Endogenous agenda formation processes with the one-deviation property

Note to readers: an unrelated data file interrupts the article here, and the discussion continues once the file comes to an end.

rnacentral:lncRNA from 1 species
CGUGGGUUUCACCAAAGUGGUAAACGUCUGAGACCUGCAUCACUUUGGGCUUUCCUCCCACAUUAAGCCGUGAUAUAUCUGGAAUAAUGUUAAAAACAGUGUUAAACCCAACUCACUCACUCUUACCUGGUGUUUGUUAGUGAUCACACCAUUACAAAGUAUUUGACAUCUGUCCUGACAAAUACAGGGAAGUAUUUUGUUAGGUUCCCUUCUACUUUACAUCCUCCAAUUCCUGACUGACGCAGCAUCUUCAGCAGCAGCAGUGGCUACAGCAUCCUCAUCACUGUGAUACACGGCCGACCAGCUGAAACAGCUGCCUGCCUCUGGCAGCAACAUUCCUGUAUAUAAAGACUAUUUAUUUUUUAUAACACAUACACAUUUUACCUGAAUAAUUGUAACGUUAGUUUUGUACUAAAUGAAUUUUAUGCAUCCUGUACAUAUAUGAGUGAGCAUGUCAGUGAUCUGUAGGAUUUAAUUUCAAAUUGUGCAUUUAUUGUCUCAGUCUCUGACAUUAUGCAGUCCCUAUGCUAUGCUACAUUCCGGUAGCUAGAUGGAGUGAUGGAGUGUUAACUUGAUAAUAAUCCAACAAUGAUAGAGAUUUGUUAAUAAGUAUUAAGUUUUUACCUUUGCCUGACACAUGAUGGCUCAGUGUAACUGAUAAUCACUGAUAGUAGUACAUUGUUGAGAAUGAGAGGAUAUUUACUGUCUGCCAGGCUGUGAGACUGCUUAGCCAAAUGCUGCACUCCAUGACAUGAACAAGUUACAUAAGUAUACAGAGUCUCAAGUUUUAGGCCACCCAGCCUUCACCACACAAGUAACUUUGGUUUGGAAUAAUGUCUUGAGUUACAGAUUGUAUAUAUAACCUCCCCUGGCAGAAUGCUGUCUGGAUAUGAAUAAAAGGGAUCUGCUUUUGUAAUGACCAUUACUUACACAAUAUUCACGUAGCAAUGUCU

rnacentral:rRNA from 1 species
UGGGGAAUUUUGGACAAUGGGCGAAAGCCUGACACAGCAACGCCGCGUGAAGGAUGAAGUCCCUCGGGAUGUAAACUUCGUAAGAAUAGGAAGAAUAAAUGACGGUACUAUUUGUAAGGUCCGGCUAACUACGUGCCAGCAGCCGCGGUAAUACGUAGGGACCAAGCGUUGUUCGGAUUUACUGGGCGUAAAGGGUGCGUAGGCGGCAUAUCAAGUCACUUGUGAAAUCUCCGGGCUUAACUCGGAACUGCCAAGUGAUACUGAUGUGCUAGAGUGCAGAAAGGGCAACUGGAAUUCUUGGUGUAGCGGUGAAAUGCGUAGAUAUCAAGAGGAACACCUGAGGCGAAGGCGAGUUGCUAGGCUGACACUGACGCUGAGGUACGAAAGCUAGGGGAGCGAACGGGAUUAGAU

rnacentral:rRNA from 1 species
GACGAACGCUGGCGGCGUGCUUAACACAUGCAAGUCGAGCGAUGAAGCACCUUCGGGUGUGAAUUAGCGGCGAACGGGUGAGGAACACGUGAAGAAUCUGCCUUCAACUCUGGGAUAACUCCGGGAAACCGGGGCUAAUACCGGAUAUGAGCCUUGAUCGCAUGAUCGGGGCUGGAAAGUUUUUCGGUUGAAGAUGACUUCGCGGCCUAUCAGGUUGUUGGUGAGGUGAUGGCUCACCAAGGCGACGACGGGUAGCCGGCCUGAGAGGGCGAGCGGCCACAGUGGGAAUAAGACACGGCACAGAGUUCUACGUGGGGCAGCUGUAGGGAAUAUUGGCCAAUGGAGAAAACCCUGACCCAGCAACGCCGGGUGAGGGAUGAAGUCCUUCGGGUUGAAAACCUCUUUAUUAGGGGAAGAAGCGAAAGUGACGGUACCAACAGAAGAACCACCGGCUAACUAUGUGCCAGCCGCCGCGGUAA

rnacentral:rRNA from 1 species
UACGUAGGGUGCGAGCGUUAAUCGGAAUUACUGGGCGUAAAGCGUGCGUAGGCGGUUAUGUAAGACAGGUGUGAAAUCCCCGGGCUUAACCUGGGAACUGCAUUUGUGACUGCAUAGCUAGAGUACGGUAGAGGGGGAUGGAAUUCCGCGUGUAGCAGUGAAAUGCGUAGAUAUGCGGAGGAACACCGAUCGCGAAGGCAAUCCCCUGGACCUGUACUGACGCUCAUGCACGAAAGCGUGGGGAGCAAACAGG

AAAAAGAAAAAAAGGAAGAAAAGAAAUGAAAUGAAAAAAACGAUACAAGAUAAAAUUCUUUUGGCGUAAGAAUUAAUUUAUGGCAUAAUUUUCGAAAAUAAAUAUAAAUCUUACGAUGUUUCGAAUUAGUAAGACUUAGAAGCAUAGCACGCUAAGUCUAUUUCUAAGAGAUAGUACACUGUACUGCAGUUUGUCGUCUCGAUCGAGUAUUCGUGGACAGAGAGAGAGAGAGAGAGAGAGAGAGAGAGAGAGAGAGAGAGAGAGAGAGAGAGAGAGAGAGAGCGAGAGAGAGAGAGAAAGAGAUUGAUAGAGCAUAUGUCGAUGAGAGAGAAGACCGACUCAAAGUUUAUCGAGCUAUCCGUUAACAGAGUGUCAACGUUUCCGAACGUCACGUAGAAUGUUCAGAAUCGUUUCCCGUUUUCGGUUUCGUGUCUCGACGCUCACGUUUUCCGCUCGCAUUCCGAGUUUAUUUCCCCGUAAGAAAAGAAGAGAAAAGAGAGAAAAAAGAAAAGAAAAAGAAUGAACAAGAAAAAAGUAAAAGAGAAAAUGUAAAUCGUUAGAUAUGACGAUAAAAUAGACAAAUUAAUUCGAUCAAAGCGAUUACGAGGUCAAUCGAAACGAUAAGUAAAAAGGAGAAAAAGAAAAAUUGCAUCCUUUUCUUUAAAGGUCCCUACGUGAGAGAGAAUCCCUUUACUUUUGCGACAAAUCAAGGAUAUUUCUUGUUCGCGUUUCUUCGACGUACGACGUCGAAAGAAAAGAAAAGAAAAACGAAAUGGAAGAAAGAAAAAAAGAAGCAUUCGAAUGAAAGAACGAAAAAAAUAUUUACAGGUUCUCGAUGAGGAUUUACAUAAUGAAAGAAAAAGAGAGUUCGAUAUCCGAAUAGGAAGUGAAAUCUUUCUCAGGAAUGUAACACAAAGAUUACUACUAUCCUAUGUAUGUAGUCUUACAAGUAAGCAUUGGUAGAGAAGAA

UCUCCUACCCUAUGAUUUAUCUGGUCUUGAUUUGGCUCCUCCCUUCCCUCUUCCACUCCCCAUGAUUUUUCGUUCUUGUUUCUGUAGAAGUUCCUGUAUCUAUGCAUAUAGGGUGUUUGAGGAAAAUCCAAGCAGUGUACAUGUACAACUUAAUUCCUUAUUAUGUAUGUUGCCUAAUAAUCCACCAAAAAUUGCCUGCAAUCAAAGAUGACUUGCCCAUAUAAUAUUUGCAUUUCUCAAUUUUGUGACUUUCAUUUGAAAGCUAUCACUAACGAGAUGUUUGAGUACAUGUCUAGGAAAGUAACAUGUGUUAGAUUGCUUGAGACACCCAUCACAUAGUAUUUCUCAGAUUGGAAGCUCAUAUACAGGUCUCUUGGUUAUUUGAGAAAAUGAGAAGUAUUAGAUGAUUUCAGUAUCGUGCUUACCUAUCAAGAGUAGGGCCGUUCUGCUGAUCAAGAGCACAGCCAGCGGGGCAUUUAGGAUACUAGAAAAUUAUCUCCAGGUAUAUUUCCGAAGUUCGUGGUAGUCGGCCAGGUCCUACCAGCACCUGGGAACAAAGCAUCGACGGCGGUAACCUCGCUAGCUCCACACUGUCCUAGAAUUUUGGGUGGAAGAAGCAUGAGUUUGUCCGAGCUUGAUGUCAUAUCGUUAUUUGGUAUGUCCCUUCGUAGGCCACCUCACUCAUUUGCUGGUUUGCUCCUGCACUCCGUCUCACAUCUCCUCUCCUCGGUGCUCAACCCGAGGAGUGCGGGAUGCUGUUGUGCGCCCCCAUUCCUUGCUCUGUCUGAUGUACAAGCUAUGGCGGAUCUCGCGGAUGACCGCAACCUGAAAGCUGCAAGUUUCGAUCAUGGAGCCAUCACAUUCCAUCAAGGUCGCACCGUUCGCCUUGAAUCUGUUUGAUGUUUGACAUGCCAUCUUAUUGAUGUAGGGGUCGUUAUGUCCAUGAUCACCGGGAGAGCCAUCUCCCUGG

We study collective choice via an endogenous agenda setting process. At each stage, a status quo is implemented unless it is replaced by a majority (winning coalition) with a new status quo outcome. The process continues until the prevailing status quo is no longer challenged. We impose a one-time deviation restriction on the feasible policy processes, reflecting farsightedness of voters. The key feature of the solution is history dependence. The existence of the solution is proven by iterating a version of the uncovered set. We show that the resulting fixed point is the largest set of outcomes that can be implemented via any policy process that meets the one-deviation restriction. Finally, we relate our solution to a concrete noncooperative model, and show that it can be interpreted as a refinement of the solution of Bernheim and Slavov (2009) in the context of repeated voting, and of the solution of Konishi and Ray (2003) and Vartiainen (2011) in the context of coalition formation.
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